The saying that “you don’t know who you are until you know where you came from” holds true for a lot of people. You will discover that as you start researching your family tree you will find out what your ancestors had to go through to get you where you are now. Their journey explains a lot about who you are as a person.
We all make our own choices in life and have our own unique or shared experiences as we travel though it. But these are not the only things that create who we are. The choices and experiences of our parents and ancestors also got us to where we are now whether we acknowledge it or not.
If my parents had not decided to leave Ireland in the 1950s I would be Irish and not Canadian. The choice my father made as a result of high unemployment in Ireland changed the course of his descendents lives.
It wasn’t just the choices of my parents that got me where I am. If my great grandfather, a commercial traveller for Quaker Oats who lived in Lancashire, hadn’t walked down that street in Limerick and spotted my great grandmother things again would have been different.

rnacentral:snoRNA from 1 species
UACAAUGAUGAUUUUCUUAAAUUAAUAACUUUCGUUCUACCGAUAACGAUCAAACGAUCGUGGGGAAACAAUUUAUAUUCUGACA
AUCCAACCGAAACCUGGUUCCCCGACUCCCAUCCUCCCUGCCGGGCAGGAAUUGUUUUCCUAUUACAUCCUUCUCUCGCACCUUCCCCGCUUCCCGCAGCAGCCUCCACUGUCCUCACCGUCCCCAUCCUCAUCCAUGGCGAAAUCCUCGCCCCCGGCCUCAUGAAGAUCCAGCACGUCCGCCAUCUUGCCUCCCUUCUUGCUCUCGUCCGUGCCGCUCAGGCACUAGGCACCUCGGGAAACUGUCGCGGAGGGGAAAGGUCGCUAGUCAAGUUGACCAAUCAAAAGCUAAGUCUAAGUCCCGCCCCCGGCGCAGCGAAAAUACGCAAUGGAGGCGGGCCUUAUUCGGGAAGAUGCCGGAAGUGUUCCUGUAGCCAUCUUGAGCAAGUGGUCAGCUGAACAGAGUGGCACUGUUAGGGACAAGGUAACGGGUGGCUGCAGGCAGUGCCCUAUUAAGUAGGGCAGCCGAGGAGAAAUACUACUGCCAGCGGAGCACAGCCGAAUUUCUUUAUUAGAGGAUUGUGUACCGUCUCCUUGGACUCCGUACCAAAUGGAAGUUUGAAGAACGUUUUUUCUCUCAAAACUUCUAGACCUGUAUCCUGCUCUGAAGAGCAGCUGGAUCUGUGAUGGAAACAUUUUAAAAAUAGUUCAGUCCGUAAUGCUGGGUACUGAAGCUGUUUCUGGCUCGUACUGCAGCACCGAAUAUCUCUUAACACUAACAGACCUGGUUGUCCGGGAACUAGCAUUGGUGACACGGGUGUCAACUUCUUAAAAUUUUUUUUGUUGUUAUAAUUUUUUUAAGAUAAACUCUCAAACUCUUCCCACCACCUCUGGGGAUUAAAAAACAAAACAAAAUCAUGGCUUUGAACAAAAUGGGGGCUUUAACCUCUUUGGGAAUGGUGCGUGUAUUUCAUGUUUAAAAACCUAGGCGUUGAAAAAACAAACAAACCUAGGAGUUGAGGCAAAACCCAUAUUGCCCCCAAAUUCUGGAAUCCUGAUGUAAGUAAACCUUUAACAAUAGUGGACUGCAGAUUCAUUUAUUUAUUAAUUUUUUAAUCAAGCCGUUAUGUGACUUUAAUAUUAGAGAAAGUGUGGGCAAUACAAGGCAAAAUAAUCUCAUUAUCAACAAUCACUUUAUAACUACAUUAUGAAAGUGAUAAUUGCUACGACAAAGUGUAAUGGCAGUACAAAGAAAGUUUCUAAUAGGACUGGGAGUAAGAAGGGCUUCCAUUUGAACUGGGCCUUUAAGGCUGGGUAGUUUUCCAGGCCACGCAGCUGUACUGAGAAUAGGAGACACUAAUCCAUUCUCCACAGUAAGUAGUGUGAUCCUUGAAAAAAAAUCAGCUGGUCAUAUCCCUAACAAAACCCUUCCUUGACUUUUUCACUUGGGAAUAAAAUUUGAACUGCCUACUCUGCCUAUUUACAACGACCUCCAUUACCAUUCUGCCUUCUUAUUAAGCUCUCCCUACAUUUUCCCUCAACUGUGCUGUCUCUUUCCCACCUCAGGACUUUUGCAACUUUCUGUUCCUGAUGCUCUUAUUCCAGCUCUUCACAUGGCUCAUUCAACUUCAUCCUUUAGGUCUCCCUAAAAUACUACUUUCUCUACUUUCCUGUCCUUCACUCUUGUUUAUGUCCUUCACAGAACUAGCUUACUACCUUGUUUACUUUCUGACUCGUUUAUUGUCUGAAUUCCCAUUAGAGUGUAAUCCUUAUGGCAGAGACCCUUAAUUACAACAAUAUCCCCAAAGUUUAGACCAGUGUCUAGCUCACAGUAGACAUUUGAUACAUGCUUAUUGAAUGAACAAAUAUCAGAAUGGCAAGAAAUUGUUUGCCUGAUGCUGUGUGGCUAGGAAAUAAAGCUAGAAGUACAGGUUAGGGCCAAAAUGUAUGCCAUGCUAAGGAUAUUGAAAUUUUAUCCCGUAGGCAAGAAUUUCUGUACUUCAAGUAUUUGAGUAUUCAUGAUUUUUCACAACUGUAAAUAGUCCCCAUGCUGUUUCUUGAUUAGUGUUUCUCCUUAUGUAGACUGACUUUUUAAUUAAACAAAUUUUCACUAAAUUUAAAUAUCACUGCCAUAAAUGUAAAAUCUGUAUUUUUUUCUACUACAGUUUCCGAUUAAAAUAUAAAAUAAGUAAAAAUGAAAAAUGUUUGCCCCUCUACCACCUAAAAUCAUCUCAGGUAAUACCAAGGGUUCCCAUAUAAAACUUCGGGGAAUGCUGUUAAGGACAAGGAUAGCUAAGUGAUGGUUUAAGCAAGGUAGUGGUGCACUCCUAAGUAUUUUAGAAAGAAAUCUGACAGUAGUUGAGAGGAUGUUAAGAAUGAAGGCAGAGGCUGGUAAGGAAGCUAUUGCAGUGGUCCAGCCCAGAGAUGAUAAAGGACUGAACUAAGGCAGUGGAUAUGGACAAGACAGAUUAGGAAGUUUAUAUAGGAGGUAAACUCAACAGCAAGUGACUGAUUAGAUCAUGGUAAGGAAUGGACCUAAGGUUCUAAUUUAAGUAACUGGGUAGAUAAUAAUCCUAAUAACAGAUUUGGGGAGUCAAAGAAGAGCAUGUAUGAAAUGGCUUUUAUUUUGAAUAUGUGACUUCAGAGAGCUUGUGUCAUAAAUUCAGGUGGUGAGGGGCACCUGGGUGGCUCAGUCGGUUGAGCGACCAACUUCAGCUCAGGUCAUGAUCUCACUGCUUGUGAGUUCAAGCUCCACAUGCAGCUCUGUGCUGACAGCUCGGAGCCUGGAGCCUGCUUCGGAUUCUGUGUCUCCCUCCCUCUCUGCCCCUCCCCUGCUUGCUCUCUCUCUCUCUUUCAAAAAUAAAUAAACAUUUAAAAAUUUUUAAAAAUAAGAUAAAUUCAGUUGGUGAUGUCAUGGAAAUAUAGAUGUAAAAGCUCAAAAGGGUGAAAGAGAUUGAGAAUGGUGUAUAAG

The experiences of your ancestors and the choices they make or those that are made for them have shaped who you are as a person. The results of these experiences formed our ancestor’s beliefs, passions, opinions, fears and loyalties. As a result this helped them decide how to raise their families and what values to instill in their children.
As you go through the research process you may find that some things have not changed for your family through the last century but then again some things may have changed drastically. Where did your family’s work ethic come from? Why did your family have to leave their homeland?
In 1685 the Revocation of the Edict of Nantes in France sent my Huguenot Sers family to London England. In the mid to late 1700s a branch went to Dublin Ireland. These choices whether made by my ancestors or made for them as a result of other circumstances changed the path of their descendents lives.
Researching family history is not just looking at the individual person or family. You will have to learn about different kinds of history such as social, political, economic and military, as well as border changes and religious beliefs and freedoms. All these created your family history and as a result helped put you where you are today.
©2010 – Blair Archival Research